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I trying to workout a way to make attributes immutable in my class. This is what I have come-up with, It appears to work. But is it acceptable?

It feels like a hack or there maybe a different way to achieve this. Is this acceptable? How else can could this be achieved?

class RankCalculator():

       def __init__(self, votesup=None, votesdown=None):
           self.__dict__['votesup'] = max(votesup, 0)
           self.__dict__['votesdown'] = max(votesdown, 0)

       def __setattr__(self, name, value):
            Object state cannot be modified after it is created
            raise TypeError('objects are immutable')

       def score(self):
          return float(self._score())

self._score() omitted for brevity.

marked as duplicate by jonrsharpe python Aug 25 '15 at 14:34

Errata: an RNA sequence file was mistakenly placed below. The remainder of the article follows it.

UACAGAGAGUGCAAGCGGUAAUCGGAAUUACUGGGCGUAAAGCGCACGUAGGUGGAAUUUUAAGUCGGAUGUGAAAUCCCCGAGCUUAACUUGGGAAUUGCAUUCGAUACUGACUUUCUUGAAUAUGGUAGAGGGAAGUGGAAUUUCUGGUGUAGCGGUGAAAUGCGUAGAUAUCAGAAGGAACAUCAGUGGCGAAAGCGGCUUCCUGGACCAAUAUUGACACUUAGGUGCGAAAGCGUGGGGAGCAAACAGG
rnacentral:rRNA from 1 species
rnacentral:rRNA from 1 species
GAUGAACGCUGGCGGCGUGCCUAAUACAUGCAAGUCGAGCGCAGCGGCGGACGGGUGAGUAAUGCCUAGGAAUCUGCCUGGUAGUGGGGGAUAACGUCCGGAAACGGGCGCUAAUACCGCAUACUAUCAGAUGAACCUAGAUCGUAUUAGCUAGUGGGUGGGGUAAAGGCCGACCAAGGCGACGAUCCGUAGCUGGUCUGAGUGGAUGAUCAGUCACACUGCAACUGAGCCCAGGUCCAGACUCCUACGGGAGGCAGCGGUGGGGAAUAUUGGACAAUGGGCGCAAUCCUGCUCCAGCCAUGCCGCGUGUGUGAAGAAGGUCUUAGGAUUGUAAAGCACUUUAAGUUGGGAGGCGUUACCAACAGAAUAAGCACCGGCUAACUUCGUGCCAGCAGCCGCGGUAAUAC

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  • Why not just use read-only properties, like you're already doing with score? – jonrsharpe Aug 25 '15 at 14:32
  • @jonrsharpe I want to set them at object creation once, would read-only properties allow this? – MrKnotts Aug 25 '15 at 14:34
  • Yes, just assign to the "private-by-convention" attribute backing them, e.g. _score. – jonrsharpe Aug 25 '15 at 14:34
  • @jonrsharpe could you post an example? I'm not 100% sure what you mean. – MrKnotts Aug 25 '15 at 14:39
  • So you'd put self._attr = default_value in __init__, then define a @property attr to access it in a read-only way. Or subclass a tuple, as the duplicate suggests. – jonrsharpe Aug 25 '15 at 14:40

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